Naskh – it took over the Kufic style around the eleventh century. It's more straightforward to peruse and quicker to compose, being utilized enormously today in papers, magazines and books
Thuluth – its best known for the presence of vowel signs and adornments. It's generally used to write on the walls of the mosques and compose blessed names. 

5. Millions of people speak Arabic!

Arabic is the fifth most commonly used language on the planet, after Mandarin, English, Hindustani and Spanish.
Nations that speak this tongue are totally different with regards to their set of experiences, and culture. Nonetheless, most speakers comprehend conversations with each other fairly well, regardless of territorial contrasts.
Arabic is the official language of 27 countries including Libya, Jordan, Israel, Iraq, Egypt, Saudi Arabia, Syria, Yemen, Tunisia and UAE. Malta is one of those EU countries that has recognised Arabic as one of its official languages.

Is the Arabic alphabet Any Different from the Roman alphabet?

The Roman or Latin script has an easy writing system. The letters can be written separately or they can be joined together end to end in a cursive form. The Arabic language doesn’t work like this and trying to write or read Arabic may come across as a tedious task for beginners.
We write from right to left in Arabic language. Some letters are always bound to other letters in writing and they are written differently in the middle of a word and the end of it meaning a single letter can have as many as three forms. Some letters are exceptional and don’t have three forms.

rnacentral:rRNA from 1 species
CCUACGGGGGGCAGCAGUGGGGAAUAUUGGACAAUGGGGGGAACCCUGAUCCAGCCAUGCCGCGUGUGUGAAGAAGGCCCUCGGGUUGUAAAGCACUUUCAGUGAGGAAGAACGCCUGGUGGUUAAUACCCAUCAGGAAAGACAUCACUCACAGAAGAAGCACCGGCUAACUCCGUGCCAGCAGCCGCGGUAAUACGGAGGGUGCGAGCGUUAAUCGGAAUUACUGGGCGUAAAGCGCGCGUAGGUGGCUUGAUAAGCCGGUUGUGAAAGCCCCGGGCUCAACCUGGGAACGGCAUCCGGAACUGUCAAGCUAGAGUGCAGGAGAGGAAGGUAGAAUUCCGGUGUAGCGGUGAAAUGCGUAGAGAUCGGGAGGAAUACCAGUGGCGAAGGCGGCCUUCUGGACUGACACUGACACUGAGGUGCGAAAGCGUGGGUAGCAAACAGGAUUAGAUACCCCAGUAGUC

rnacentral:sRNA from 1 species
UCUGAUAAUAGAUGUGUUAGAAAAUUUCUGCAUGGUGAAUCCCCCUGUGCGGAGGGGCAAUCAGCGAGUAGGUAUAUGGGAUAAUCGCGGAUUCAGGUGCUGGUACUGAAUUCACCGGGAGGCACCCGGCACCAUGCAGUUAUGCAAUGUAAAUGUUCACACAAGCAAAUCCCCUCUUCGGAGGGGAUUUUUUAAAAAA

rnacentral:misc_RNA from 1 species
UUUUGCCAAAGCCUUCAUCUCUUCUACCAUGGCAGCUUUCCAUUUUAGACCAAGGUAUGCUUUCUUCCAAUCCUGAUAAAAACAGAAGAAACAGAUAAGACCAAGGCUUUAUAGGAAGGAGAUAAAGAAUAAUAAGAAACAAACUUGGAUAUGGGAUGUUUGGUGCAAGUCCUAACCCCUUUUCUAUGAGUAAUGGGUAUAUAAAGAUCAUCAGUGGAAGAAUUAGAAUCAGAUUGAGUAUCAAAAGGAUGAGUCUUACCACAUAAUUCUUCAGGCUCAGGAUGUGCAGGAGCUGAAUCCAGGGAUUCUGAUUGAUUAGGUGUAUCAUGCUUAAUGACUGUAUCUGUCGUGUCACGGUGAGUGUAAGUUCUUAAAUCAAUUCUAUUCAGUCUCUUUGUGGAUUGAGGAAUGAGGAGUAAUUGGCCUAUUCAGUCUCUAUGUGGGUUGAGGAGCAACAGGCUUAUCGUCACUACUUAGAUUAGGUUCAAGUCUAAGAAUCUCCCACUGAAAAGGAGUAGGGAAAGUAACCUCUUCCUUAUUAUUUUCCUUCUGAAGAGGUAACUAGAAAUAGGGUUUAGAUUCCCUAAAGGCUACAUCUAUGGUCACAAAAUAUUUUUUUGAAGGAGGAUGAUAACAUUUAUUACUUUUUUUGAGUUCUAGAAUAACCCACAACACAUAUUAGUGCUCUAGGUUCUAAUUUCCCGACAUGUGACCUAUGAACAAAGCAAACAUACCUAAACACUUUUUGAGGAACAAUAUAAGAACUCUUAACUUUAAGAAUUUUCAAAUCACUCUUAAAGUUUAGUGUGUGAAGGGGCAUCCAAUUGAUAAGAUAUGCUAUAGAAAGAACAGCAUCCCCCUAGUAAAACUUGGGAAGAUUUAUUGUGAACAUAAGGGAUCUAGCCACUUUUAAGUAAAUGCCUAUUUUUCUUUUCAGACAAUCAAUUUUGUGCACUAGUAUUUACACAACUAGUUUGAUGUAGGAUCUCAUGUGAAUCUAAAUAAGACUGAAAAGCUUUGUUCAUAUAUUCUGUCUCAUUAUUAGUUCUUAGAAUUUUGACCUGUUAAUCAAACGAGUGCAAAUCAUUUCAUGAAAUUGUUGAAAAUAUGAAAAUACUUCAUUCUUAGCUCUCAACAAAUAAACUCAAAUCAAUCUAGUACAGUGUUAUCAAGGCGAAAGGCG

Arabic is called a revealed language. The reason is that the Qur’an was revealed in it. It is noticed that Arabic has a very strong root system from which most words are derived. Every word has a three letter root word from which using scales and conjugations, we can derive the adjectives, verbal nouns and verbs.

Is the Arabic alphabet unique?

The Arabic alphabet is unique in the way that it doesn’t follow the Latin or Roman writing system. Abjad, the Arabic writing system can be a bit tricky for beginners. The biggest set back for English speakers with the Abjad is that it doesn’t recognise the short vowels in writing. Imagine trying to read through that! Most academic books and the religious book of Muslims, the Qur’an, notify of the short vowels with the help of dots and curves.
Chapter 03

Letters Of Arabic Language

The Arabic language has 28 letters. They are as follows:
خ ح ج ث ت ب ا
kha’ ha’ gem tha’ ta’ baa’ alef
ص ش س ز ر ذ د
sad shen sen zain ra’ thal dal
ق ف غ ع ظ ط ض
qaaf fa’ ghain ain tha’ ta’ da’
ي و ه ن م ل ك
yaa’ waw ha’ noon meem lam kaf
For the reader’s ease, a chart of Arabic letters is used to organise the letters, their isolated and different contextual forms in words:
Name  Letter name in Arabic script Transliteration Isolated form Initial Contextual Form Medial Contextual Form Final Contextual Form
ʾalif أَلِف ā / ʾ(also â ) ا ا ـا ـا
bāʾ بَاء b ب بـ بـ ـب
tāʾ تَاء t ت تـ ـتـ ـت
ق ف غ ع ظ ط ض
thāʾ ثَاء tha (also ṯ ) ث ثـ ـثـ ـث
jīm جِيم j(also ǧ ) ج جـ ـجـ ـج
ḥāʾ حَاء ḥ(also ḩ ) ح حـ ـحـ ـح
khāʾ خَاء kh(also ḫ, ḵ, ẖ ) خ خـ ـخـ ـخ
dāl دَال d د د ـد ـد
dhālʾ ذَال dh(also ḏ ) ذ ذ ـذ ـذ
rāʾ رَاء r ر ر ـر ـر
zāy / zayn رَاء z ز ز ـز ـز